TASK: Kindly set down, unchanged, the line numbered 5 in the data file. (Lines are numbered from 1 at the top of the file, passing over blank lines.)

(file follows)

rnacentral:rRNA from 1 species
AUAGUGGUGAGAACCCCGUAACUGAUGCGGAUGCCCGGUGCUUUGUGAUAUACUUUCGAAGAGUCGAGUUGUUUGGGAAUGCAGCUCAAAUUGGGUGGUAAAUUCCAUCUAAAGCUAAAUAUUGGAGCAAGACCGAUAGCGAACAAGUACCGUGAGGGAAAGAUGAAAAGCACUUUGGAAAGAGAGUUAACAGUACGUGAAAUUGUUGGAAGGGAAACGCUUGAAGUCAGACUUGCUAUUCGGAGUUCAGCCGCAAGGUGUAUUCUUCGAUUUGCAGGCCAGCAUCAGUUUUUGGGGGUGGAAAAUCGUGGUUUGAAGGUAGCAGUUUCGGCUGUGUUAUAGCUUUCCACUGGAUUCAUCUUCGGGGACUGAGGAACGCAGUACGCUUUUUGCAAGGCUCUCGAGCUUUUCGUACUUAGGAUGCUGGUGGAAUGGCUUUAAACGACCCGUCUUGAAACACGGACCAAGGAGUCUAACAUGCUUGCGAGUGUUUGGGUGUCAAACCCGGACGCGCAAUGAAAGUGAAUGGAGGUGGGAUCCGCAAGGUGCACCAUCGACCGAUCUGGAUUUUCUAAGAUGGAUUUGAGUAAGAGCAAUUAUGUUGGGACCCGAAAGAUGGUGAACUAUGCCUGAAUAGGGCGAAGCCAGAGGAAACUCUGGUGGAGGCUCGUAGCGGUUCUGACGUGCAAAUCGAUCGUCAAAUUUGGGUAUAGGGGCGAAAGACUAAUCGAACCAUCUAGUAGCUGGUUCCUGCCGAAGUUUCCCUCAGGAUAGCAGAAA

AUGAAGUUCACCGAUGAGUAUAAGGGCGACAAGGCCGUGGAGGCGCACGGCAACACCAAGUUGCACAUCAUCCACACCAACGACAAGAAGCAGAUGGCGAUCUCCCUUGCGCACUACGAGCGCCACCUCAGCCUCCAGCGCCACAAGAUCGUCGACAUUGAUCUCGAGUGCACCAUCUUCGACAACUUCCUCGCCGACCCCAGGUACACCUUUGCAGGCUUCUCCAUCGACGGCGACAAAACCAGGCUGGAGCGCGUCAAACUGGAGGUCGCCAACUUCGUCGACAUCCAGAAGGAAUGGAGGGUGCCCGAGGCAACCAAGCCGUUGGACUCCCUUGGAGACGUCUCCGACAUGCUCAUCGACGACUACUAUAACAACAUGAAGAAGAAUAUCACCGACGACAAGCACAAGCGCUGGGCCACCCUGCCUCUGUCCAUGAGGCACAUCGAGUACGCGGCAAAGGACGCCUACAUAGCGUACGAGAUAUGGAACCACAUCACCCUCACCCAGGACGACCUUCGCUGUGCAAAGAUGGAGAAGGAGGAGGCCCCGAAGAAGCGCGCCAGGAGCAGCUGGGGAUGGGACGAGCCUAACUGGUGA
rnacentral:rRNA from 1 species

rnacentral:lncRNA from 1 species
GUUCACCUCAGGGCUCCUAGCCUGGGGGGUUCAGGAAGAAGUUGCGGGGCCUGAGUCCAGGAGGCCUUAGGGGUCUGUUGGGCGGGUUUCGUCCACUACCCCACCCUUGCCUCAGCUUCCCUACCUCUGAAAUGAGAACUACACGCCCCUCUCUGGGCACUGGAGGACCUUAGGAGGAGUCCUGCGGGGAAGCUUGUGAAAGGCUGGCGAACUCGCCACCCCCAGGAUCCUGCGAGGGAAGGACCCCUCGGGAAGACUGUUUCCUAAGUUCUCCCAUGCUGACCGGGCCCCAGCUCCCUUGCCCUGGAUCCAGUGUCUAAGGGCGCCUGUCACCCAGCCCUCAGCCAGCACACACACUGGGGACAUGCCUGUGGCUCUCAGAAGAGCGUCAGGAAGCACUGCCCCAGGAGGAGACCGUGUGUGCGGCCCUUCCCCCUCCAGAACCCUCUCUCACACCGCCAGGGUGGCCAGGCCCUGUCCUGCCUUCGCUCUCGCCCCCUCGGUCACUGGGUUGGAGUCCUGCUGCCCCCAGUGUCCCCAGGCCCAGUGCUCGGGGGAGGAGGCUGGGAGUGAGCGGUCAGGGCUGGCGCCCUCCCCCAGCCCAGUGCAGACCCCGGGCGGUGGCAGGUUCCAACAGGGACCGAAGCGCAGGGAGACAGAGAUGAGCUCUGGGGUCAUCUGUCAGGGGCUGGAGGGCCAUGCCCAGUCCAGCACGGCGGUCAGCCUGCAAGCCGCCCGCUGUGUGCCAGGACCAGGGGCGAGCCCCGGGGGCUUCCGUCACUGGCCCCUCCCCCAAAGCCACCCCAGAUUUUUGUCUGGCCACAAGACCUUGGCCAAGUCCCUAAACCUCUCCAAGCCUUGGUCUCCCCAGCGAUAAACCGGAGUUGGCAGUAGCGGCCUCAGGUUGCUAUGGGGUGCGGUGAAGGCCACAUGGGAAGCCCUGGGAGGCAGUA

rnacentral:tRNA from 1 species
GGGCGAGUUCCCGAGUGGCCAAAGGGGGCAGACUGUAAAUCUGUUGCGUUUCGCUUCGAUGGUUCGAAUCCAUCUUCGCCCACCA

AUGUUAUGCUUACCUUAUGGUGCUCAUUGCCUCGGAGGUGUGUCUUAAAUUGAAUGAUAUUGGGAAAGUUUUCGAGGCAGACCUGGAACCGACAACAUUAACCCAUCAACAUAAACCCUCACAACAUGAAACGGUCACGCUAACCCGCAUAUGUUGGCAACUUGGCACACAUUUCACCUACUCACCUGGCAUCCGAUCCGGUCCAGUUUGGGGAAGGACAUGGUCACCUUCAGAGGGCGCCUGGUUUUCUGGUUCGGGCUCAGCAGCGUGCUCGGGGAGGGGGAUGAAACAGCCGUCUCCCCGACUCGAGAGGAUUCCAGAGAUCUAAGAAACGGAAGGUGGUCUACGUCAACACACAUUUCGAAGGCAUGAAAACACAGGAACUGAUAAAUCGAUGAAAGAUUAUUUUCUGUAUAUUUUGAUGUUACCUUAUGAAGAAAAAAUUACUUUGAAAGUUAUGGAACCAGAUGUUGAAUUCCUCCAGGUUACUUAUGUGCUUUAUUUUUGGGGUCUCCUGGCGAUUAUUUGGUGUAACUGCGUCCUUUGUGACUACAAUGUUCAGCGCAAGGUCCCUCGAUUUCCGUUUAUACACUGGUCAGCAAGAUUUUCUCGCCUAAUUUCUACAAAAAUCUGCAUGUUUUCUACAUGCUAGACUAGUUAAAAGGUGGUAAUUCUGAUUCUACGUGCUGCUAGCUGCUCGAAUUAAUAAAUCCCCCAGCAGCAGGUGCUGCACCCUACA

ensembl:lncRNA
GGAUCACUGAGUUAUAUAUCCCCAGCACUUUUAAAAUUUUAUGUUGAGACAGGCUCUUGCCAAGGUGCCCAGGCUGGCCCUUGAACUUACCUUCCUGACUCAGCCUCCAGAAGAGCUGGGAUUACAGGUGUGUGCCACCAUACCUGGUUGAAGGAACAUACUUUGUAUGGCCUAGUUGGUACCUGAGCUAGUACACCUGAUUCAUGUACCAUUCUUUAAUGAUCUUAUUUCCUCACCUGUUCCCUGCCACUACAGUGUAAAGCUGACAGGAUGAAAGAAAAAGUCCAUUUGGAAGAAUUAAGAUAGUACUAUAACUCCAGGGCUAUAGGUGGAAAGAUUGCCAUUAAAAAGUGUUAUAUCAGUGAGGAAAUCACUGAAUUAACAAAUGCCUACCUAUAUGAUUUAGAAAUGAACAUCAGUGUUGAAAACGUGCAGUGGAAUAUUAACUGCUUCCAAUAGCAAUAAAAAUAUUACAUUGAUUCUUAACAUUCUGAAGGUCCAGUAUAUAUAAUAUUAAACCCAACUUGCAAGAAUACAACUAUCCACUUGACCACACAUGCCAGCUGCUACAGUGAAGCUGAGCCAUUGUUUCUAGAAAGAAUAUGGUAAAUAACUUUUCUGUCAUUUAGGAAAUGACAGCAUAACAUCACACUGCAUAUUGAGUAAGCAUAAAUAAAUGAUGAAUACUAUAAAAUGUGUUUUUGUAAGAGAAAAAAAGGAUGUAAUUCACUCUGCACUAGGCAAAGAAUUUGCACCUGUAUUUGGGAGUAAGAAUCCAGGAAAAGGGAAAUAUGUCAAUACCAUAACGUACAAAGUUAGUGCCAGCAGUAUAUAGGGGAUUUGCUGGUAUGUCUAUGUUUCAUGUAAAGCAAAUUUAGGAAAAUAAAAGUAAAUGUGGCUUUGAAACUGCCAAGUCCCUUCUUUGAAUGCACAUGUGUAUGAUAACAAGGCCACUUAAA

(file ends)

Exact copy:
rnacentral:lncRNA from 1 species